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How Long Should Building a House Take?

By: Becky Striepe  | 

What's the Holdup?

raining on a construction site
Bad weather is a common reason for construction delays on home builds. Dan Reynolds Photography/Getty Images

You'll inevitably run into issues while building a home. Nothing is perfect. So what are the most likely problems? Weather is probably the biggest factor that can delay construction, especially at the beginning of the job, before the roof is complete. For example, roof tiles need at least a few hours to dry, so you won't want them installed if there's a chance it will rain soon. Once you have the walls and roof finished, bad weather isn't as much of a concern.

The materials you choose and the number of workers on-site can also impact your construction timeline. A tile roof takes longer to install than an asphalt one, and if you have four workers, the job goes faster than if you have two.

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You also need to consider the state of the lot. Demolishing an existing structure adds some time, but the condition of your lot is more important. If your contractor discovers bad soil when they break ground, they will need to dig and fill in the lot or use a special foundation to account for expansive soil [source: Pacific Crest Inspections].

One holdup that can be out of your contractor's hands is permitting. Sure, if your contractor makes a mistake and the city inspector catches it, that's on the contractor. But sometimes the city gets backed up, and your contractor has to wait for an inspection before work can continue.

How can you tell if your contractor is giving you a reasonable time estimate? We spoke to Rick Bunzel, principal inspector at Pacific Crest Inspections in Anacortes, Washington, in 2012. He told us the key is having a good relationship with your general contractor, because the boss knows what all the subcontractors are doing. Each task in home building is interrelated, and your general contractor has to organize that team and all of their time frames, since each step happens in a sequence. For example, a delay in roughing out the plumbing or electrical system can push back hanging the drywall.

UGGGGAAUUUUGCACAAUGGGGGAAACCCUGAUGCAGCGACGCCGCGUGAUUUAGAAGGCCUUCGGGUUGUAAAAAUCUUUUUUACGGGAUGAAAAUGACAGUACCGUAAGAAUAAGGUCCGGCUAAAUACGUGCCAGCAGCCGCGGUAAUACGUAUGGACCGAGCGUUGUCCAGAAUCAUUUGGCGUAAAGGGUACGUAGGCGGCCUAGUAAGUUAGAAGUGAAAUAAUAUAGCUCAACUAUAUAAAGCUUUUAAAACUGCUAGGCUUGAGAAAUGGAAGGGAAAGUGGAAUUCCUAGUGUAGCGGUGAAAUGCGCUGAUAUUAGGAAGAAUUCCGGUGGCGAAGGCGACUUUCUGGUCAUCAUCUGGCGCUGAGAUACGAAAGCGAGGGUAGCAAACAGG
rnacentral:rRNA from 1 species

Bunzel recommends using the "reasonable person approach." If something feels like it's taking too long, ask your contractor about it. There could be a good reason, but you won't know unless you ask. It's important to be involved, visit the job site, look and ask questions, and make sure that your contractor is on the job watching what the subs are doing.

Look at tour relationship with that general contractor like a marriage. You may not always agree. But you want to stick with it.

Originally Published: May 8, 2012

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Sources

  • Bunzel, Rick. Principal Inspector at Pacific Crest Inspections. Personal interview. April 16, 2012. http://www.paccrestinspections.com/
  • HomeBuildingSmart. "New Home Construction Timeline." (April 16, 2012) http://www.homebuildingsmart.com/new-home-construction-timeline/
  • Pacific Crest Inspections. "A Home Construction Timeline." (April 16, 2012) http://www.paccrestinspections.com/New-construction-timeline.htm
  • Pacific Crest Inspections. "Expansive Soil." (April 24, 2012) http://www.paccrestinspections.com/expansive.htm
  • U.S. Census Bureau. "Survey of Construction" 2020. (Dec. 17, 2021) https://www.census.gov/construction/nrc/pdf/avg_starttocomp.pdf

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